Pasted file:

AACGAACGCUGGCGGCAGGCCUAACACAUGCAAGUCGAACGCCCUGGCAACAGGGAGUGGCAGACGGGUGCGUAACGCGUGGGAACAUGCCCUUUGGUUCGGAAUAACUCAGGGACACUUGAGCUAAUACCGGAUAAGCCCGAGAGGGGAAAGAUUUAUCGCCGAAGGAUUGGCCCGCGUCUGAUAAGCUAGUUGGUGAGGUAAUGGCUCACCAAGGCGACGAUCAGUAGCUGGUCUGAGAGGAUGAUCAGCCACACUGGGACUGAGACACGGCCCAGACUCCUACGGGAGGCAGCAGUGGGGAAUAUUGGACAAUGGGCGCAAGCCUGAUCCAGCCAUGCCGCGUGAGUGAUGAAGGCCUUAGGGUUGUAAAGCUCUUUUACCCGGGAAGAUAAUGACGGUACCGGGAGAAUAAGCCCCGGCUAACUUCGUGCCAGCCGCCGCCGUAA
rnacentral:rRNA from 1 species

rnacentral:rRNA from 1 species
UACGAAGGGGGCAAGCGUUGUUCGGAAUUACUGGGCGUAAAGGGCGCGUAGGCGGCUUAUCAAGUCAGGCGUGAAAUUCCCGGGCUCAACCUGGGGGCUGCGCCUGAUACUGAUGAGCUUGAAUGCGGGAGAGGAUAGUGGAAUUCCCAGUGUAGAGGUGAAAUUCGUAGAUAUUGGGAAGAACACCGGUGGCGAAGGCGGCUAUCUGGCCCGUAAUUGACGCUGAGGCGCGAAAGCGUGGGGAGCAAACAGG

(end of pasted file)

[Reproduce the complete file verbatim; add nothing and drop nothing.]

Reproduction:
AACGAACGCUGGCGGCAGGCCUAACACAUGCAAGUCGAACGCCCUGGCAACAGGGAGUGGCAGACGGGUGCGUAACGCGUGGGAACAUGCCCUUUGGUUCGGAAUAACUCAGGGACACUUGAGCUAAUACCGGAUAAGCCCGAGAGGGGAAAGAUUUAUCGCCGAAGGAUUGGCCCGCGUCUGAUAAGCUAGUUGGUGAGGUAAUGGCUCACCAAGGCGACGAUCAGUAGCUGGUCUGAGAGGAUGAUCAGCCACACUGGGACUGAGACACGGCCCAGACUCCUACGGGAGGCAGCAGUGGGGAAUAUUGGACAAUGGGCGCAAGCCUGAUCCAGCCAUGCCGCGUGAGUGAUGAAGGCCUUAGGGUUGUAAAGCUCUUUUACCCGGGAAGAUAAUGACGGUACCGGGAGAAUAAGCCCCGGCUAACUUCGUGCCAGCCGCCGCCGUAA
rnacentral:rRNA from 1 species

rnacentral:rRNA from 1 species
UACGAAGGGGGCAAGCGUUGUUCGGAAUUACUGGGCGUAAAGGGCGCGUAGGCGGCUUAUCAAGUCAGGCGUGAAAUUCCCGGGCUCAACCUGGGGGCUGCGCCUGAUACUGAUGAGCUUGAAUGCGGGAGAGGAUAGUGGAAUUCCCAGUGUAGAGGUGAAAUUCGUAGAUAUUGGGAAGAACACCGGUGGCGAAGGCGGCUAUCUGGCCCGUAAUUGACGCUGAGGCGCGAAAGCGUGGGGAGCAAACAGG